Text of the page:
Apr 29 2014

Isle Of Palms Gets New Power Line

 

By Jennifer Tuohy, Island Eye News Editor

The new SCE&G riser next to IOP City Hall provides another connection between the islands and the mainland.

The new SCE&G riser next to IOP City Hall provides another connection between the islands and the mainland.

The Isle of Palms has a new “redundant” power line. The 5-mile-long, 115,000-volt transmission line, which went operational on March 19, provides a backup for the island, without ruining its views.

The line runs under the marsh from Mount Pleasant and comes up behind the new Harris Teeter store on Palm Boulevard. It then crosses under the IOP Connector and comes up on a new riser that has been built just north of City Hall. From there is connects to the sub-station behind City Hall.

“The line was put in place primarily to provide backup electrical service to that area,” Eric Boomhower, spokesperson for SCE&G, said. “If you had a failure of the line that’s in place right now, you will have no power. It’s like building a second bridge to the island, it’s a backup.”

“We really like knowing that line is under the marsh and not as vulnerable to storms that would knock them out,” Linda Tucker, Isle of Palms city administrator, said. “Everyone wishes you could have a power line that didn’t involve a riser—but we did want the reliability of that under-marsh line. The line that is above ground, south of the connector, if it gets compromised in some way, then we’re without power for a long time. Now if it goes down we have a redundancy.”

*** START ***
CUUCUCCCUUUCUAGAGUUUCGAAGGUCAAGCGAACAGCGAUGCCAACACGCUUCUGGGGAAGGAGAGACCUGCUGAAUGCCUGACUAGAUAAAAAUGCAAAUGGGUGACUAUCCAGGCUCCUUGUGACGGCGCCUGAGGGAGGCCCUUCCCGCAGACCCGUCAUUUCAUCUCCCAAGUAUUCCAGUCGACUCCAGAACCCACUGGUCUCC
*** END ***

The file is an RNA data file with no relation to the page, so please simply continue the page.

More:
It will just increase the reliability,” Kim Asbill SCE&G spokeswoman, told the Post & Courier in September. “Power to the Isle of Palms and portions of Sullivan’s Island as well as northern Mount Pleasant could be restored in minutes, instead of hours or days.”

SCE&G first proposed the line back in 2012. In the ensuing 18 months the City worked with the power company to determine the best place for it to touch down on the island and connect to the substation.

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We were fortunate that SCE&G were willing to make this investment and that we were in possession of property that could facilitate the riser,” Tucker said. “We worked to get that riser where it would be least objectionable and provide the security of the redundant line. If you’ve got a lot of vacationers in town and the power goes out, particularly during peak season, it would be very inconvenient to the island.”

 

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